First Advisor

Cynthia D. Mohr

Term of Graduation

Winter 2024

Date of Publication


Document Type


Degree Name

Doctor of Philosophy (Ph.D.) in Applied Psychology






close relationships, depression, mental health, social support, structural equation modeling



Physical Description

1 online resource (xi, 237 pages)


Social relationships are impactful to mental health and well-being, both positively and negatively. Different sources of support vary in their ability to meet our needs and ultimately influence our well-being. While research has examined aspects of supportive and harmful social relationships and mental health, much of this work is cross-sectional or limited to a single source of support. This dissertation aimed to better elucidate the relationship between social relationships and mental health by integrating multiple theoretical perspectives and multiple sources of support, in a series of three empirical studies to order to inform theory and interventions targeting mental health of high-risk groups.

Veterans are at increased risk of suicide relative to their civilian counterparts (Office of Mental Health and Suicide Prevention, 2018). Study 1 examined an acute indicator of suicide risk, agitation, and its temporal associations with social support from spouse, family, and friends over a 9-month period using three-wave cross-lagged panel models in a sample of employed veterans (SERVe; Hammer et al., 2017). Results revealed preliminary support for a reciprocal association between agitation and some sources of support, with directionality of cross-lagged effects varying across sources. Agitation was impacted by one’s relationships with family, whereas family support predicted subsequent agitation. For coupled veterans, spousal support predicted subsequent agitation. Social support from friends was not related to agitation longitudinally, illuminating nuances in the temporal associations between agitation and social support from spouse, family, and friends.

Marital transitions, widowhood or divorce, are incredibly stressful for older adults and have long-term impacts on mental health and well-being (Lin et al., 2019; Sasson & Umberson, 2014). Study 2 also took a longitudinal approach to examining social relationships and mental health by examining support and strain from multiple sources (spouse, family, friends, and children) as predictors of depressive symptom trajectories prior to and following a marital transition using latent piecewise growth curve modeling. Social strain did not emerge as a significant predictor of depressive symptom trajectories post-marital transition. Social support from spouse was related to more difficult mental health recoveries after transition, whereas social support from friends was related to a quicker adjustment. These results provide additional evidence for the importance of a strong friend network to mitigate the detrimental effects of marital transitions on mental health among older adults adjusting to widowhood or divorce.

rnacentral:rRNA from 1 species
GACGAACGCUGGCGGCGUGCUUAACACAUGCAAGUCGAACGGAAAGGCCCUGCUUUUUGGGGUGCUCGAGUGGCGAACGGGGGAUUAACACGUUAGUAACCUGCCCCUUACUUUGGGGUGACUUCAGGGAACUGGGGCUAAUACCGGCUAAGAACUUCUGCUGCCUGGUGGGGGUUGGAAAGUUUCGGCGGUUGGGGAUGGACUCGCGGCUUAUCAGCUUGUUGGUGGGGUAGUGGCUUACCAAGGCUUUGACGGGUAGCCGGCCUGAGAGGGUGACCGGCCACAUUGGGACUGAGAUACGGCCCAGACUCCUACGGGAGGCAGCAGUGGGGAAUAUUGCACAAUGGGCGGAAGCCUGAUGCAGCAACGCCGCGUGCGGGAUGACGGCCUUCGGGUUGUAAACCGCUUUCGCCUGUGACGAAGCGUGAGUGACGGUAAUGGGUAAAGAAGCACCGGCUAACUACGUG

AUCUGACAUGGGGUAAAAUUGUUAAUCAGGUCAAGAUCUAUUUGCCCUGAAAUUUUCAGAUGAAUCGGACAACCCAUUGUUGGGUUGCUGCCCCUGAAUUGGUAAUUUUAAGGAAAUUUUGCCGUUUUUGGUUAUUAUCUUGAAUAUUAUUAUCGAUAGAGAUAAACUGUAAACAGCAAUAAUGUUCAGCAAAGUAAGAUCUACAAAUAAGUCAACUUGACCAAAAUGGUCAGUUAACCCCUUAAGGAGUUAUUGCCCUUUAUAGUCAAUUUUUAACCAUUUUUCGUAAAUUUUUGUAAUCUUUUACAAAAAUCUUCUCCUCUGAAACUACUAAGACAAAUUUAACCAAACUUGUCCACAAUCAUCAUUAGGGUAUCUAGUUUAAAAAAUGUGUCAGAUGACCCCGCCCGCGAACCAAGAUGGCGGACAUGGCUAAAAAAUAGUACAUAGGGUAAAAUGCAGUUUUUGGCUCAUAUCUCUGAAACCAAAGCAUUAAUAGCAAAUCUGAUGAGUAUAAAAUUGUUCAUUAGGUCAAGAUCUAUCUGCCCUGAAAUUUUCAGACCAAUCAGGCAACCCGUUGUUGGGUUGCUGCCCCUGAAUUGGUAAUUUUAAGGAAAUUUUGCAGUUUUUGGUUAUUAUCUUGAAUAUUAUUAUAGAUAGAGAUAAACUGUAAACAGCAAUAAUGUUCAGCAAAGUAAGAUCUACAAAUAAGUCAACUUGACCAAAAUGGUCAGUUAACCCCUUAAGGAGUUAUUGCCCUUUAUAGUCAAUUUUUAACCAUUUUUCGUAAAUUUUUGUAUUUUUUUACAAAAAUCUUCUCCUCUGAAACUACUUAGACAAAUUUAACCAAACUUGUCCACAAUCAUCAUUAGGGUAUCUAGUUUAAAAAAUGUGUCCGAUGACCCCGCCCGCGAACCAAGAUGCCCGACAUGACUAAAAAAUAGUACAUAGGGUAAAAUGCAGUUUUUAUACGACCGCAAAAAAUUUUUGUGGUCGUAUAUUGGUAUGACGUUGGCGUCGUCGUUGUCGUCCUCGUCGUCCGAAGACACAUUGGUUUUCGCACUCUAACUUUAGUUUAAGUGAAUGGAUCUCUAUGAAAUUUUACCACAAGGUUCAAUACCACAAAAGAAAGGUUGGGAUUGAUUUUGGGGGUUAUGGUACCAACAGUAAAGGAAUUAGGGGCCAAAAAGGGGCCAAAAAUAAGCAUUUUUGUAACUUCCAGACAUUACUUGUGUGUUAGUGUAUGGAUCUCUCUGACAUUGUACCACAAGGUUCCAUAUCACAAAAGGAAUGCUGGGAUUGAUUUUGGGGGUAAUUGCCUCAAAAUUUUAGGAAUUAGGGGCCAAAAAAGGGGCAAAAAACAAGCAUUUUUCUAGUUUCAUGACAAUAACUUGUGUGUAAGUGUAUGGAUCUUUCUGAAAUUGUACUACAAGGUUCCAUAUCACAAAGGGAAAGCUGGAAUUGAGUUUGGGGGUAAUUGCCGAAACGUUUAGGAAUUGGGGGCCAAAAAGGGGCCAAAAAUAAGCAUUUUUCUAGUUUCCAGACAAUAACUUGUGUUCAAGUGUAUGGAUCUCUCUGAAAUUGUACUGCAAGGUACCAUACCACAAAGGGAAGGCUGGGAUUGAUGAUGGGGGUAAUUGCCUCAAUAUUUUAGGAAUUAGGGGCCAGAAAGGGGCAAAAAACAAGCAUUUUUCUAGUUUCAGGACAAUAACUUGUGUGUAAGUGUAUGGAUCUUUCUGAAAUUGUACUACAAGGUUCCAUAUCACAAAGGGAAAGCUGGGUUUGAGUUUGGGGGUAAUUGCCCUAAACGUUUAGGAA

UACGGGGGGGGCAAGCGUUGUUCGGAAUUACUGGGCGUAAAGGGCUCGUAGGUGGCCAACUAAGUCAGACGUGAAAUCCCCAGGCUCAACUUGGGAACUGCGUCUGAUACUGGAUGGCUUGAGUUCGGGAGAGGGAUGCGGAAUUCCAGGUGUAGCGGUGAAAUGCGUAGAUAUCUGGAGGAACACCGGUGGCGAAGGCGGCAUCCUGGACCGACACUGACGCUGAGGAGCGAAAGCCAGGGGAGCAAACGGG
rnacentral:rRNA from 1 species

Military-connected individuals are at increased risk for mental health disorders and adverse behavioral health outcomes (Mohr et al., 2018; Office of Mental Health and Suicide Prevention, 2018; Steenkamp et al., 2015) but are less likely to seek help for mental health problems than physical health problems (Britt, 2000). Previous research indicates that social support, mental health stigma, and organizational barriers to care impact service member behavioral health and treatment seeking for many military-connected individuals (Coleman et al., 2017). Study 3 aimed to elucidate the interactive effects of social relationships and suicide risk factors on behavioral health care utilization, utilizing a sample of active-duty soldiers who participated in the Resilience-Supportive Leadership Training (RESULT) study. Main effects models revealed that perceived partner responsiveness, stigma, and barriers to care were all associated with less frequent behavioral health treatment use. For coupled participants, perceived partner responsiveness attenuated the effects of stigma and barriers to care on treatment use, evidenced by results of moderation models. Study 3 findings highlight the important role spouses play in the process of treatment seeking and utilization among this high-risk sample. Taken together, this series of studies provides evidence for the importance of including distinct sources of social support when examining the interactive effects of mental health and social relationships over time, ultimately informing future interventions targeting social relationships to improve mental health and as inform barriers and facilitators to seeking behavioral health care.


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